Imagine: You land in Singapore, stroll through the streets enjoying the sights. You haven’t had a puff for some time, so you put your hand in your pocket and draw out your trusty vapestick. You breathe in, enjoying the delicious hit at the back of your throat before blowing out a cloud of beautiful vapor.But then… a heavy hand falls on your shoulder. You turn round to see an irate policeman. Next thing you know, your holiday has been spoiled with a $200 fine.
As regulations on e-cigarettes vary substantially from country to country, it’s important you know the law before you travel, or you could have your e-cig confiscated, be fined or even imprisoned (an unlikely scenario).
So we’ve put together this handy in-depth guide to ensure you don’t get caught out. Please note however, that e-cigarette regulations can change at any time, so it’s worth double-checking with the local authorities before you leave.
Travelling by Plane
Can I take my e-cig on a plane?
Most airlines allow e-cigarettes to be taken on-board in your carry-on luggage, but it’s best to check with the airline before you travel. EasyJet for instance, allow an e-cigarette with a maximum of two spare batteries to be taken on-board.
It’s not usually a problem taking small bottles of e-liquid on planes (I’ve done it many times!) as it falls under the 100 ml liquid limit. Obviously, you need to put the e-liquid in a clear plastic bag alongside your other liquids. If you have large bottles of e-liquid you should put them in your hold luggage.
It’s also worth noting that many vapers have experienced leaks from their clearomiser / tank whilst on-board due to the pressure in the cabin (so pack some tissues!). The leaking tends to stop once you have landed.
Can I put my e-cig in checked luggage?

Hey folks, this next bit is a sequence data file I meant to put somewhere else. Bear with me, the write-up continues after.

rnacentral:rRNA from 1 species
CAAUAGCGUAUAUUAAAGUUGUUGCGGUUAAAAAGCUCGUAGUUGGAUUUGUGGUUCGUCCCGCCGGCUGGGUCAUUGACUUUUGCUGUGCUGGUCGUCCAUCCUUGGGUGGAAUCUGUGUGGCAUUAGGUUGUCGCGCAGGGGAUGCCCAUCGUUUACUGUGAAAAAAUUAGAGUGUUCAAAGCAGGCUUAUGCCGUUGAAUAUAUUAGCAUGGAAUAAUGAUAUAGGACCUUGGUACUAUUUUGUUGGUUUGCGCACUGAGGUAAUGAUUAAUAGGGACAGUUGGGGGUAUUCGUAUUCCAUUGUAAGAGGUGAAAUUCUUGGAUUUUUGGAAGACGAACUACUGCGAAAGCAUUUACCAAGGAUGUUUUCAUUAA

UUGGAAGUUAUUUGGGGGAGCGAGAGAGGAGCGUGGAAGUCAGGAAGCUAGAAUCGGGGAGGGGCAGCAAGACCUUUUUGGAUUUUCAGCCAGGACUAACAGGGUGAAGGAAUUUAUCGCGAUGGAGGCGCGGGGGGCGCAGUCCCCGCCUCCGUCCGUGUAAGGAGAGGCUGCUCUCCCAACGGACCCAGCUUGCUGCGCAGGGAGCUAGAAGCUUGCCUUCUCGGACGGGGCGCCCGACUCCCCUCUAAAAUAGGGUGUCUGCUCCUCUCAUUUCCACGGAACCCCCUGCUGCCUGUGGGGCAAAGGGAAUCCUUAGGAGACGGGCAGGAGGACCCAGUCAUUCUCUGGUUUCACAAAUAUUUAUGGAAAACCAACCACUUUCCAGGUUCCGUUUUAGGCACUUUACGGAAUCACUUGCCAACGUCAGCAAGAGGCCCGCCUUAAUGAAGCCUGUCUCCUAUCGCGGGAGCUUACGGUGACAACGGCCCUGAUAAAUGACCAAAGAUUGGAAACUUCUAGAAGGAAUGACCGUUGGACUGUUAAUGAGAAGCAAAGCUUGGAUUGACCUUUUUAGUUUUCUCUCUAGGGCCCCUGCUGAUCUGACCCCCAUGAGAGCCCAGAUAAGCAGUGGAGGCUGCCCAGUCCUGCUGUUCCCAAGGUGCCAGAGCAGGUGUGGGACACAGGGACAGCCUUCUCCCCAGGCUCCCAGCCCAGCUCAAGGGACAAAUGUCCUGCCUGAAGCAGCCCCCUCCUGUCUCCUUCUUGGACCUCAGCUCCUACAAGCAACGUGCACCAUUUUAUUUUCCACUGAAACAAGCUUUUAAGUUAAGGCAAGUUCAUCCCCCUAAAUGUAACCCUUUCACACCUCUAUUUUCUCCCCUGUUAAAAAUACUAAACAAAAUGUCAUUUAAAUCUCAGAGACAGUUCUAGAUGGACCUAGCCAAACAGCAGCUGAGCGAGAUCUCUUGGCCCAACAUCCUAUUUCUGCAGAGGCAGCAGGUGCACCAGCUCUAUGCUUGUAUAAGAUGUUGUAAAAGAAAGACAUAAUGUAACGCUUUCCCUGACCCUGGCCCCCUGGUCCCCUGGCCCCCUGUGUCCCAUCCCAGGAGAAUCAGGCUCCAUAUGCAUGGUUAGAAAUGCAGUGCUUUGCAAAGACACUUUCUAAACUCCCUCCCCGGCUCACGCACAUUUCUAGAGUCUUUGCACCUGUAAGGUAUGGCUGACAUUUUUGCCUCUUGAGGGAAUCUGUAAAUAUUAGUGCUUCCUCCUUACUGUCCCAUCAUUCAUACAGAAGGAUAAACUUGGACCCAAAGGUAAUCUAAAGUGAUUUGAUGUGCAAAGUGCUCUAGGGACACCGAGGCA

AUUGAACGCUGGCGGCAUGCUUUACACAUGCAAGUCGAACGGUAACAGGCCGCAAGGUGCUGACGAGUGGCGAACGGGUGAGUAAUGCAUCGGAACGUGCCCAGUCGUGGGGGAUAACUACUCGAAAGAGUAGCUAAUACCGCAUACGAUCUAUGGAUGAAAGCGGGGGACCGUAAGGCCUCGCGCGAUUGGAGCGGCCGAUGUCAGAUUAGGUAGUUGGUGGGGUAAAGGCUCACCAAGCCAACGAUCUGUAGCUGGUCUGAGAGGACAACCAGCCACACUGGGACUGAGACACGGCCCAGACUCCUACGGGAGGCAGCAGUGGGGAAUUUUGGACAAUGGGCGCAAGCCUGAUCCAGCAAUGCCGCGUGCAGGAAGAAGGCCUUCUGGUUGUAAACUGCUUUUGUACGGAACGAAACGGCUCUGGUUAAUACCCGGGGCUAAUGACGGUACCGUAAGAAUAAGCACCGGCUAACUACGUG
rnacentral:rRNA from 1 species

E-cigs batteries are now banned worldwide in checked luggage, so all batteries must now be placed in hand luggage.
Can I charge my e-cig in the aircraft?
You are no longer allowed to charge e-cig devices on the aircraft.
Using ECigarettes on Planes
Can I vape an e-cigarette on a plane?
Forget it! The only airline I know that allows you to use anything resembling an ecig is Ryan Air – even then, you can’t use your own ecig, but you can buy a smokeless cigarette on board and use it. (I’ve not tried it, although years ago researcher Paul Bergen told me they were pretty awful. If you’ve tried one, please share your thoughts in the comments.)
QatarAirways are one of the worst airlines – people have been arrested and thrown in jail for using e-cigarettes on QA planes.
British Airways have recently banned the sale of e-cigarettes on flights to Qatar, Oman, Saudi Arabia and the UAE, due to local regulations (which resulted in one of their crew members being detained and interrogated after being stopped at the border with an e-cig).
Using ECigarettes in Airports
Can I use my e-cig in an airport?
Things are a bit more hopeful here – Heathrow even has a vaping lounge. The airport also allows e-cigarettes to be used in the airport itself, although not beyond the gateway.